At the American Cathedral console

At the American Cathedral console

Then Andrew left, leaving me to try out the organ in front of two people from my tour who came to listen to me. All I can say is that my work is cut out for me when I return home! I felt like a rust bucket with my fingers not feeling attached to my body. Somehow I got through about 6 or 7 pieces. Unfortunately, though, the organ is in bad shape and is in need of another restoration, having uneven voicing, dead notes, and frequent ciphers. Guess who is on the organ restoration committee? Nathan Laube! Andrew said the project will cost about 4 million euros, yikes!

He also told me that one of the American Cathedral’s parishioners is actress Olivia deHavilland, who just celebrated her 100th birthday!

In spite of my rusty fingers, it still felt good to play, and I will look forward to being home in about two weeks.

 

Posted in Katherine Crosier | Tagged , , , , , | Leave a comment

The height of insanity

Nathan Laube: “Would you like to go up to the bell tower?”
Kathy: “Sure, why not!”

I made it to the top!

I made it to the top!

Little did I know that after Nathan led me up all the steps to the organ loft at the Cathedral of St. Étienne in Bourges, that was only HALFWAY up to the bell tower. It was not until I climbed ALL the way up, and ALL the way down that I saw a sign saying that you had to be in good physical shape. There were 396 STEPS up (!) and 396 STEPS down and of course, going down was a piece of cake but going up—not so much! (I know I will be sore tomorrow!) But, oh, the view was simply spectacular and just priceless on this clear, clear day.

The magnificent cathedral in Bourges.

The magnificent cathedral in Bourges.

Let me share what Nathan wrote on his Facebook wall about this magnificent cathedral, which was built starting in the 11th century and finished in the 13th:

The super high nave

The super high nave

It goes without saying that it’s an interesting time to be in France right now, but I couldn’t be happier that I’m here to make music in some magnificent spaces. Our hearts are broken, but Is there any better therapy than making and sharing music? The next six weeks will take me all over Europe in the course of some 19 recitals in 6 countries, and it’s hard to imagine a more jaw-dropping place to begin this tour than at Bourges Cathedral. As far as Gothic goes, it doesn’t really get much better than this, even if it is a rather idiosyncratic take on the typical French models. It has no transepts, its facade features 5 mammoth portals (a particular feature that was mirrored in St. John the Divine in NYC several hundred years later!), and the interior is divided with two circulating aisles and an incredible double ambulatory, resulting in a staggering 5-layer pyramidal elevation. One has the impression that there’s no possible way that those seemingly pencil-thin columns could support such a lofty vault. They do – and they’re not so thin (probably 7-8 feet in diameter)!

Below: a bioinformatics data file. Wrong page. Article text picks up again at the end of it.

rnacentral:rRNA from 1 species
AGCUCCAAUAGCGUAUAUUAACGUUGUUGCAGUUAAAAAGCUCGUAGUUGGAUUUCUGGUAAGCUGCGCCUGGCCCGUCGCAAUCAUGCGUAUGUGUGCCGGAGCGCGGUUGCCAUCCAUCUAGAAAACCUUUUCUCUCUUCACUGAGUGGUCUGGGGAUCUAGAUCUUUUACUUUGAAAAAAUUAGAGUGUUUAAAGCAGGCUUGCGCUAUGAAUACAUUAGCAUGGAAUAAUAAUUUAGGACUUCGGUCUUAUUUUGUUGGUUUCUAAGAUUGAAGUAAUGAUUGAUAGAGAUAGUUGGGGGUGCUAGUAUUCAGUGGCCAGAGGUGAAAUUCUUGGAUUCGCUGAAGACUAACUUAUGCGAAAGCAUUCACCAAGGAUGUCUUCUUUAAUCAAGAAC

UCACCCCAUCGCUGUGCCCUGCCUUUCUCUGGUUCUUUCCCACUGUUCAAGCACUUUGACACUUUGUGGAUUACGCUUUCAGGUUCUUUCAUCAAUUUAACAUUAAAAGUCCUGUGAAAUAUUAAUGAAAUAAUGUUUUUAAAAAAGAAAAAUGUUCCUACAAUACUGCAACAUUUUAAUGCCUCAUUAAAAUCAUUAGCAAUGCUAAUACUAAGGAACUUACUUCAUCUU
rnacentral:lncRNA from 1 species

The program was:

Rameau: Overture to “Les Indes Galantes” (trans. Rechsteiner)
Froberger: Fantasie sopra Ut Re Mi Fa Sol La
Muffat: Toccata Septima

Muhly: The Rev’d Mustard His Installation Prelude
Preston: Uppon La Mi Re

Boëly: Fantasie et Fugue, Op. 18
Widor: Mystique (from Trois Nouvelles Pieces, Op. 87)
Duruflé: Suite pour Orgue, Op. 5

This slideshow requires JavaScript.

We took a selfie.

We took a selfie.

Nathan’s recital was part of the XXXI Les Très Riches Heures de L’Orgue en Berry series and his magnificent playing matched the magnificence of the building. I was so impressed with how he brought out so many colors of the organ, matching perfectly with all the many brilliant stained glass windows of the Cathedral. It was a real aural kaleidoscope, displaying so many nuances of sound, and yet the instrument only has 77 ranks. The organ sounded comfortably full, but did not blast. It goes without saying that his playing just gets better and better—and the 400-500 people in the audience gave him a standing ovation.

Our dinner in Bourges.

Our dinner in Bourges.

After the concert we went to a small reception, in which everyone was speaking French, of course. I was only able to catch bits and pieces of the conversation, but after all, it has been 48 years since I lived in France and my vocabulary is almost completely shot. I am amazed that I remember anything at all now that I’m in my (ahem) golden years! Hey, I’m glad that I have not gotten lost so far, and that my extremely rusty French has gotten me around!

We went out to a nearby restaurant and Nathan was good enough to walk me all the way back to the train station. Thanks for a great day, Nathan!

Posted in Carl Crosier | Tagged , , , | Leave a comment